A fascinating read that really opened my eyes to some of the issues around race relations in the US. I did think it was maybe a little on the short side but well worth reading.
Raw, captivating, and undeniably real, Nic Stone joins industry giants Jason Reynolds and Walter Dean Myers as she boldly tackles American race relations in this stunning debut.
Justyce McAllister is top of his class and set for the Ivy League—but none of that matters to the police officer who just put him in handcuffs. And despite leaving his rough neighborhood behind, he can’t escape the scorn of his former peers or the ridicule of his new classmates. Justyce looks to the teachings of Dr. Martin Luther King Jr. for answers. But do they hold up anymore? He starts a journal to Dr. King to find out.
Then comes the day Justyce goes driving with his best friend, Manny, windows rolled down, music turned up—way up, sparking the fury of a white off-duty cop beside them. Words fly. Shots are fired. Justyce and Manny are caught in the crosshairs. In the media fallout, it’s Justyce who is under attack.
My rating: 4 of 5 stars
As an ever so slightly older than teenage white woman who lives in a small town in Scotland I don’t think this book was really aimed at me, and I suspect I didn’t “get” it in the same way it’s intended audience would, but I did find it an absolutely fascinating read. My experience of the impact of racial stereotyping is very limited and gun violence isn’t really a thing here (although gang culture is) so this really opened my eyes and highlighted a lot of the issues in a very real and natural way.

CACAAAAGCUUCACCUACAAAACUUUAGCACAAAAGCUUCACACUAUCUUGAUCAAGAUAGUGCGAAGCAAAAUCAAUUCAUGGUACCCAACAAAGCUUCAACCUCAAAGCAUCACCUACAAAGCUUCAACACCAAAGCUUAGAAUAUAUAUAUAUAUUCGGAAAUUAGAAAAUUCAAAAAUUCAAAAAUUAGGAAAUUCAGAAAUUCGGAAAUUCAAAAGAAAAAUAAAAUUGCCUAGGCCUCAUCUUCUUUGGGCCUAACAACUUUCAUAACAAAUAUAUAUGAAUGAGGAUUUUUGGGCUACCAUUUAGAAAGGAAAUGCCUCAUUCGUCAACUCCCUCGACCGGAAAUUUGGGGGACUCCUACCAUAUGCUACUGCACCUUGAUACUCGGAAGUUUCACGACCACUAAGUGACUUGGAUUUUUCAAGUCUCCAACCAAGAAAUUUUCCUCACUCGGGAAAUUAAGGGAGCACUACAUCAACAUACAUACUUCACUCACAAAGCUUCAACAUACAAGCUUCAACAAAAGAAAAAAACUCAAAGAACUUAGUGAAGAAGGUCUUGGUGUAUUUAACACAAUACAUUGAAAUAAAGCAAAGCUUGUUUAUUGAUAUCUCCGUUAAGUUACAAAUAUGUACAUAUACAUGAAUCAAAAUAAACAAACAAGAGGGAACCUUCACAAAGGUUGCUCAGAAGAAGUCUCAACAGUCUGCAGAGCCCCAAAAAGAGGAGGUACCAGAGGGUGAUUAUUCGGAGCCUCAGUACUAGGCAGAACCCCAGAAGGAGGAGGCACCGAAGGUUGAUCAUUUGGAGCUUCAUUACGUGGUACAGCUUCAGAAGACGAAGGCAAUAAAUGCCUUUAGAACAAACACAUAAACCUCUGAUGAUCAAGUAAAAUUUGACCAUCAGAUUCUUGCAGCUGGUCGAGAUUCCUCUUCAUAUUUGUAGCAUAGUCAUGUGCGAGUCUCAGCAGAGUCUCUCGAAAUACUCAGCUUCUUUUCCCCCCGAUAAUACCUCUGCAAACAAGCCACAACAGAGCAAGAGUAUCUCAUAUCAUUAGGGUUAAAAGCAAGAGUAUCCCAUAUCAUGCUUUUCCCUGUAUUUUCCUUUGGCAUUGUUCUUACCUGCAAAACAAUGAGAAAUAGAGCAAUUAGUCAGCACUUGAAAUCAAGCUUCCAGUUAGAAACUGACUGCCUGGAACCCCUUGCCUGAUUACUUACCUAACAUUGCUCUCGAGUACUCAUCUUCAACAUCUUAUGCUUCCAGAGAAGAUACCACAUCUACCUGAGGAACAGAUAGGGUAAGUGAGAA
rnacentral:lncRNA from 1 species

At only 210 pages, I did find it a surprisingly quick read (I finished it within a couple of hours) but while I appreciated the fast pace and ease of reading it I think I would have preferred a little more depth and detail. It moves at such a speed that I never felt connected to the characters or emotionally invested in the story. That’s not to say that this is not an emotional read (there were a few truly heartbreaking moments) but I think if there had been more background to the characters and more relationship building I would have felt so much more.
As far as main character Justyce goes I can’t say that I ever connected to or fully understood him and his actions although I suspect this is likely more to do with our relative backgrounds and ages rather than the writing as he is very convincingly portrayed by the author. In fact I think the author did a brilliant job of portraying all of the characters in this story and the dialogue and interactions between them felt especially real.
I also have to give the author praise for presenting the issues in a very clever way so that they’re clearly demonstrated without the story ever becoming preachy. The use of Justyce’s letters to Martin Luther King combined with the discussions at the debate club and his experiences were ideal ways of getting points across and combining both the facts/statistics and the emotional impact on Justyce in a natural way. I do think the author could have gone deeper in certain areas and developed them a little further but there is no doubting that the key messages come across loud and clear.
This is a book with a lot of buzz around it and a very important message so I am glad to have been given the opportunity to read it. It’s definitely one I would recommend.
Thanks to NetGalley and the publisher for providing me with an ARC. All views are, as always, my own.